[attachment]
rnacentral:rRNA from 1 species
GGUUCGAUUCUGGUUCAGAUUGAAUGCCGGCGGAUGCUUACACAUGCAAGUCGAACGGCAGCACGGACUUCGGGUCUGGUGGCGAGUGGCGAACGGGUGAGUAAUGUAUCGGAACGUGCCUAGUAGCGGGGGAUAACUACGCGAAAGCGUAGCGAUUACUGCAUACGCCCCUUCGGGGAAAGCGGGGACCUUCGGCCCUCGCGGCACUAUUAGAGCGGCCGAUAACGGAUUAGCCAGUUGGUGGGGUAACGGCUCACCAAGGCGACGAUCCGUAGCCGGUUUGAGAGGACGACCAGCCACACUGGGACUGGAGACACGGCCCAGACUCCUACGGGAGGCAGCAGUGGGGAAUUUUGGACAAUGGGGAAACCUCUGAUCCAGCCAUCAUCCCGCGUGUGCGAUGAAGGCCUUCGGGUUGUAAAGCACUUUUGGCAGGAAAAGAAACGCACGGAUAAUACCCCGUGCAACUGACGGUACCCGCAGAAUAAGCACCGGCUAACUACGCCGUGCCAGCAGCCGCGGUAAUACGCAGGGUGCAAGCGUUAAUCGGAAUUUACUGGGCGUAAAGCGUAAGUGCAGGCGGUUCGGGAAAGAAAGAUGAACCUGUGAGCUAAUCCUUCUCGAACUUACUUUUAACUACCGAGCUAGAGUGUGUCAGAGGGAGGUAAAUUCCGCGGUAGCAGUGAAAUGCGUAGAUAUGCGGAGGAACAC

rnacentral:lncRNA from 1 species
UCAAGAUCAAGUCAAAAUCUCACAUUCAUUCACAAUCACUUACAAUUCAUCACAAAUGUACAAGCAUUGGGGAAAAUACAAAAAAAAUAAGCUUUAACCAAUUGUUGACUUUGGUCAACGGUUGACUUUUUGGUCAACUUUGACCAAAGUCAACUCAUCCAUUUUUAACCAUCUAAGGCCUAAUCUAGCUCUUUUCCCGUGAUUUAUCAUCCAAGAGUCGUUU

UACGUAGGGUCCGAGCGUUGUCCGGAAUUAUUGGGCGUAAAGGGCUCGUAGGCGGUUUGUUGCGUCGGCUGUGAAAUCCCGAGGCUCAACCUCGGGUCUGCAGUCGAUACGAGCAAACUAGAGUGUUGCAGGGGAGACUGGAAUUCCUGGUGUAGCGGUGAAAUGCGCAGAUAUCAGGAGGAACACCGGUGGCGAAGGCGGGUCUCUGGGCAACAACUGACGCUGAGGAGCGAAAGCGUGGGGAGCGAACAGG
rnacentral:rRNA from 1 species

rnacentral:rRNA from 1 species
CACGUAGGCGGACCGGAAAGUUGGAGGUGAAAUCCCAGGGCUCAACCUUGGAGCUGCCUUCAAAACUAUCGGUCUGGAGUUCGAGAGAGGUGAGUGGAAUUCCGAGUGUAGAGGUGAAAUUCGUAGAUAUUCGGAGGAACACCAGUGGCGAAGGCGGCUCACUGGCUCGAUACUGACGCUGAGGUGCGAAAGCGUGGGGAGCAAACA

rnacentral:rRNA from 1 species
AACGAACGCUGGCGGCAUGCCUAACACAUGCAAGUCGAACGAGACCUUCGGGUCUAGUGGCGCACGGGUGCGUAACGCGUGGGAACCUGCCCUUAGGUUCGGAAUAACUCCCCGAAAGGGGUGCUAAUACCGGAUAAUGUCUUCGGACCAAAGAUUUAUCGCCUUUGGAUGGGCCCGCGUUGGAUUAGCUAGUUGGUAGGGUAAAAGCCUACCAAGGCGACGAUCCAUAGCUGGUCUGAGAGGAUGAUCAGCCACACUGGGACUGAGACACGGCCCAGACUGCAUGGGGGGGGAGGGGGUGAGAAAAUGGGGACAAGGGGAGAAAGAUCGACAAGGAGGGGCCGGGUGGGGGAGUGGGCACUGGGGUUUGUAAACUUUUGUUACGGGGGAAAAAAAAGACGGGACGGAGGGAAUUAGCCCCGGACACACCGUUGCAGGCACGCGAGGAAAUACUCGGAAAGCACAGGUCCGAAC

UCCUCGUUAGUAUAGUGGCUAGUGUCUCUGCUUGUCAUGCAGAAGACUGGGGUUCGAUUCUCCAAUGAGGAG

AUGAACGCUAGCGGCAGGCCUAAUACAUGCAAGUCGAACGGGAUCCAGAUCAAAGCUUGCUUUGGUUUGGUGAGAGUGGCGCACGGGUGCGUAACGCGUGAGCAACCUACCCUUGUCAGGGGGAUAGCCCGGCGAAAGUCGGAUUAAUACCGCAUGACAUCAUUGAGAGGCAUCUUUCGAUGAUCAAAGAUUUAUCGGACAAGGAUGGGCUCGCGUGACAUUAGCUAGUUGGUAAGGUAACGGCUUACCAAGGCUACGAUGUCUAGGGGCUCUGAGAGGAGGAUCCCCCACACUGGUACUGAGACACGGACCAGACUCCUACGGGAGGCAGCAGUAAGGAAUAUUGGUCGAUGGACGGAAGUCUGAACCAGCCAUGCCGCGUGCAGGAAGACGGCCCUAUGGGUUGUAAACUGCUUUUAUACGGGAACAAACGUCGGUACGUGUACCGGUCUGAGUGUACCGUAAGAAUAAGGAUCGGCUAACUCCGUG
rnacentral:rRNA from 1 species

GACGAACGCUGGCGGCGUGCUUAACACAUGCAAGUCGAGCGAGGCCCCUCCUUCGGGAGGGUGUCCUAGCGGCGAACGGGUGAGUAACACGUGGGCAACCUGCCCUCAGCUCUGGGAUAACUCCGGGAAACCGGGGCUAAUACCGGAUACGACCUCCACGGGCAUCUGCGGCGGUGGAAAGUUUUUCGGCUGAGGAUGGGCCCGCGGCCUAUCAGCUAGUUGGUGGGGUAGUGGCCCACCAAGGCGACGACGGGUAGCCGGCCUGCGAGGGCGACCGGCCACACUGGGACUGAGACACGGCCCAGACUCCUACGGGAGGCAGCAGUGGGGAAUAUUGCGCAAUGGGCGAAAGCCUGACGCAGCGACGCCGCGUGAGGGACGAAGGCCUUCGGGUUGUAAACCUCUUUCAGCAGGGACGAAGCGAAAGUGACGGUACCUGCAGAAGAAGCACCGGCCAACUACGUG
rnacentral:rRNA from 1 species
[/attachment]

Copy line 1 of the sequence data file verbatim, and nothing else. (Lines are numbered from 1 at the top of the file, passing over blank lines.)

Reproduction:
rnacentral:rRNA from 1 species